The allegory of the wizard of oz by frank baum
The "man behind the curtain" could be a reference to automated store window displays of the sort famous at Christmas season in big city department stores; many people watching the fancy clockwork motions of animals and mannequins thought there must be an operator behind the curtain pulling the levers to make them move Baum was the editor of the trade magazine read by window dressers.
There would be no inflationary effect if the exchange rate were set at extant prices and allowed to float.
Wizard of oz symbolism list
Since most of us don't walk around thinking about the social movements and political debates of the late s, a quick refresher on populism is in order. Next, the Tin Man or Tin Woodman. This was many years ago, long before Oz came out of the clouds to rule over this land. There would be no inflationary effect if the exchange rate were set at extant prices and allowed to float. Everyone talked about the subject. Rockoff and others argue the circumstantial case is compelling. He brings to life a major theme of the free silver movement: that the people, the farmer in particular, were capable of understanding the complex theories that underlay the choice of a standard. He represents factory workers who were suffering in the economy of the time and was even covered in rust when Dorothy and the Scarecrow first encounter him, representing the high levels of unemployment that were prevalent in the s. In the book and the play the shoes are silver, not ruby as they were famously depicted in the film.
Other scholars beg to differ. And that shift created a lot of workers who weren't being treated well by their bosses. When Dorothy is taken to the Emerald Palace before her audience with the Wizard she is led through seven passages and up three flights of stairs, a subtle reference to the Coinage Act of which started the class conflict in America.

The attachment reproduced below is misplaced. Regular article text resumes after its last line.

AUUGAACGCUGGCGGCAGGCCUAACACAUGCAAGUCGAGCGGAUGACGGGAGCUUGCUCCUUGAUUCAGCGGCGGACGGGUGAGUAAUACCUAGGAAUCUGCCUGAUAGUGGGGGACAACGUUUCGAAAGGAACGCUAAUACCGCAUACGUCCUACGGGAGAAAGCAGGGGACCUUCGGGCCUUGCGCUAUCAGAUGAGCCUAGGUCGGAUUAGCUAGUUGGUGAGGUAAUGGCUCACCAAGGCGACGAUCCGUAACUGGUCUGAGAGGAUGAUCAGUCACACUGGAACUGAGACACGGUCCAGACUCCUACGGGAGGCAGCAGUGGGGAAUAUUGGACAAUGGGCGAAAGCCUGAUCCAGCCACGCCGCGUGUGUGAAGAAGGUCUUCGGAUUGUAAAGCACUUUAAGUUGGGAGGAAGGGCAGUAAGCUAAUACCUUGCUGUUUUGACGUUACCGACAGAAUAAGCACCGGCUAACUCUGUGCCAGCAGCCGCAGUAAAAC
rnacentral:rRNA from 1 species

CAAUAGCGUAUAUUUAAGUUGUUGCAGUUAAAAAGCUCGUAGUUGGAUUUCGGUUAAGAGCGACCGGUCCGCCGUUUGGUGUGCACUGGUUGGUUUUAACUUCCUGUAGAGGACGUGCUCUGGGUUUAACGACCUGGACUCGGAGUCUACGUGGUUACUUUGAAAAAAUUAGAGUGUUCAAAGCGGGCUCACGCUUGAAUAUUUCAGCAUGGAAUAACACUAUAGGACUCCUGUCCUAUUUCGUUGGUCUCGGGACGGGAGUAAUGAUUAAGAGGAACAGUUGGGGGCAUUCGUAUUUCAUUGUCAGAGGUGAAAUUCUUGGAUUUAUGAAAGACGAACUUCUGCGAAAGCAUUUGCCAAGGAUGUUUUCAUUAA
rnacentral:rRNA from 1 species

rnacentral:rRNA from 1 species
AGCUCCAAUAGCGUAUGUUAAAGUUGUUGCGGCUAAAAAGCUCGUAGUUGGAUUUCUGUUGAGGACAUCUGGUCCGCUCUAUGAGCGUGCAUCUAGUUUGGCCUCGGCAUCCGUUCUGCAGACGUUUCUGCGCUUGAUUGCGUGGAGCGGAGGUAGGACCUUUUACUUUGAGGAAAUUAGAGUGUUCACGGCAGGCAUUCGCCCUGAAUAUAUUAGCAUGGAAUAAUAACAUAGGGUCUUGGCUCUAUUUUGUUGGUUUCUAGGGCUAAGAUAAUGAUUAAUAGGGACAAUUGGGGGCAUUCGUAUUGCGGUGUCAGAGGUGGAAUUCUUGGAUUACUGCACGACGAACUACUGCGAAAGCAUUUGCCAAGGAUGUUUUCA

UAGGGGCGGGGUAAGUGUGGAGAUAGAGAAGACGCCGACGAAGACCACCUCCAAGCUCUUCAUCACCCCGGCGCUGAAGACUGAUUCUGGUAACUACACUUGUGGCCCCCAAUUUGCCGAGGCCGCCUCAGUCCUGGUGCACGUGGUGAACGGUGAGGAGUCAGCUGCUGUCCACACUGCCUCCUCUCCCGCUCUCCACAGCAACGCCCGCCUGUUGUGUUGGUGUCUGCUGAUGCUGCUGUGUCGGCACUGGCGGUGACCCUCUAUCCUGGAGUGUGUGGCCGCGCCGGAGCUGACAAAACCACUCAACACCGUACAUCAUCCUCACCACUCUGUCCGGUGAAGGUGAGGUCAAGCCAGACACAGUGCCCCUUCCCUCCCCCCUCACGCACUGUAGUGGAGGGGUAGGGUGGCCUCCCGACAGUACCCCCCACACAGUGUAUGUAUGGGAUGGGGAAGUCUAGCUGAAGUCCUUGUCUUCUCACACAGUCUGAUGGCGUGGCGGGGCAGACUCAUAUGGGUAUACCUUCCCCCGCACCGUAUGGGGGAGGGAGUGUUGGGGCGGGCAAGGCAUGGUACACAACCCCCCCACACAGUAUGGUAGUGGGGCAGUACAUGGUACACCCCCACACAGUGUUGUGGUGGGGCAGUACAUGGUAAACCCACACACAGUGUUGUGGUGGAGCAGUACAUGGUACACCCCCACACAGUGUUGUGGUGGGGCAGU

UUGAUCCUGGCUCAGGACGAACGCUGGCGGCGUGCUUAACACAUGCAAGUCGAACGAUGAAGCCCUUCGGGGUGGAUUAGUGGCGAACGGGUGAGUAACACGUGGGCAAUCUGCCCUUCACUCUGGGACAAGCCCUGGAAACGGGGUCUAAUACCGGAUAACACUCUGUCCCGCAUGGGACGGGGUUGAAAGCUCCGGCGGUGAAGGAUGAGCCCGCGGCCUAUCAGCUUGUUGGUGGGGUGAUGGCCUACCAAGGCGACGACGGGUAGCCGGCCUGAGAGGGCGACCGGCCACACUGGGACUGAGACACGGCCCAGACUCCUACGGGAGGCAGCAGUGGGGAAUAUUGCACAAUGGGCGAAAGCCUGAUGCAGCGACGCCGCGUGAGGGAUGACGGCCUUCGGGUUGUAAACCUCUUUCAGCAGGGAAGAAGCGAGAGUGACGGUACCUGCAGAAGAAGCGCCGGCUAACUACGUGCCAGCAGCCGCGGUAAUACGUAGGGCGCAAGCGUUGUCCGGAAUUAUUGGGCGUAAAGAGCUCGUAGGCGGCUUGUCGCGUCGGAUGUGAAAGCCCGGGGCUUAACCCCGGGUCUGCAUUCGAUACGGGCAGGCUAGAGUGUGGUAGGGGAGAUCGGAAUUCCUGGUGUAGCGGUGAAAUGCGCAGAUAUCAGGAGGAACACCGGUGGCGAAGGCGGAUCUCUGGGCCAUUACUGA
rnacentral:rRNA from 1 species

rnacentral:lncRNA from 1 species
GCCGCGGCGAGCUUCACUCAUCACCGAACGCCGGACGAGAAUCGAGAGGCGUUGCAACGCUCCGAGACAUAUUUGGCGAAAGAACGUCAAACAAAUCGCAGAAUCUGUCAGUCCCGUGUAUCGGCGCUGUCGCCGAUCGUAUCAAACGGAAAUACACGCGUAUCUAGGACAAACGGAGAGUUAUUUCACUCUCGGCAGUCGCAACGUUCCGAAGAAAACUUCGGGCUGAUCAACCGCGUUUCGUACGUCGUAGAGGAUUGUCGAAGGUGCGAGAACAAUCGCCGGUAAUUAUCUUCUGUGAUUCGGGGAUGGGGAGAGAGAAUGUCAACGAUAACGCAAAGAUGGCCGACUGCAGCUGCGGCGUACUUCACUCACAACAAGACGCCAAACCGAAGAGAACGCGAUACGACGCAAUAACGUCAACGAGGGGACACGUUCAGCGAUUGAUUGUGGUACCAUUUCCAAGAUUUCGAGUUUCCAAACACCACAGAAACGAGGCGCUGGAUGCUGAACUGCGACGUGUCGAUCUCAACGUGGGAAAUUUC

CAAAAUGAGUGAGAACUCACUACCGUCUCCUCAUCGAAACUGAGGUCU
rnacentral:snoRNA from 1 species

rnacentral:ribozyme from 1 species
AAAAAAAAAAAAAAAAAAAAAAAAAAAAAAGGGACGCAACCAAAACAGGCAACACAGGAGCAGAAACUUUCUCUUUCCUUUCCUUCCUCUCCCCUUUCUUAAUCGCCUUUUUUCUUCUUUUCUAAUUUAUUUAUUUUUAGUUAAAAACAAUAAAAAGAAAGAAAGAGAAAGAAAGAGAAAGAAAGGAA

The thesis achieved considerable popular interest and elaboration by many scholars in history, economics and other fields,  but that thesis has been challenged. Pledging support for American workers, he sought high tariffs to make foreign manufactured goods unattractive and he supported the gold standard.
For decades, people had dismissed Baum's book as a fairytale for children. The working class man, once a true human, is now just a cog in the industrial machine. He favored the monetary policy of free silver.
Wizard of oz symbolism poppy fields
James R. Congress statutorily fixed the exchange rate between silver and gold in at sixteen ounces of silver to one ounce of gold. Since most of us don't walk around thinking about the social movements and political debates of the late s, a quick refresher on populism is in order. It was also used by editorial cartoonists of the s to represent political upheaval. Rockefeller ", the Scarecrow responds, "He'd lose six thousand dollars a minute if that happened. And these, his conquerors, were marked in their dealings with his people by selfishness, falsehood and treachery. Rockoff and others argue the circumstantial case is compelling. Baum was a political reporter in the s and he lived in South Dakota for several years, giving him a close-up view of the rise of the Populist movement and the views of American farmers and workers. While further analysis of The Wizard of Oz is probably unnecessary, understanding the factors that promoted the Populist movement in the first place present an opportunity for insight into current events.
Farmers of the Midwest wanted the dollar to have value equal to fixed ratios of both gold and silver, instead of just gold. The Scarecrow and the Tin Woodman On her journey to visit the Wizard, Dorothy meets the scarecrow and the tin woodman. The City of Oz earns its name from the abbreviation of ounces "Oz" in which gold and silver are measured.
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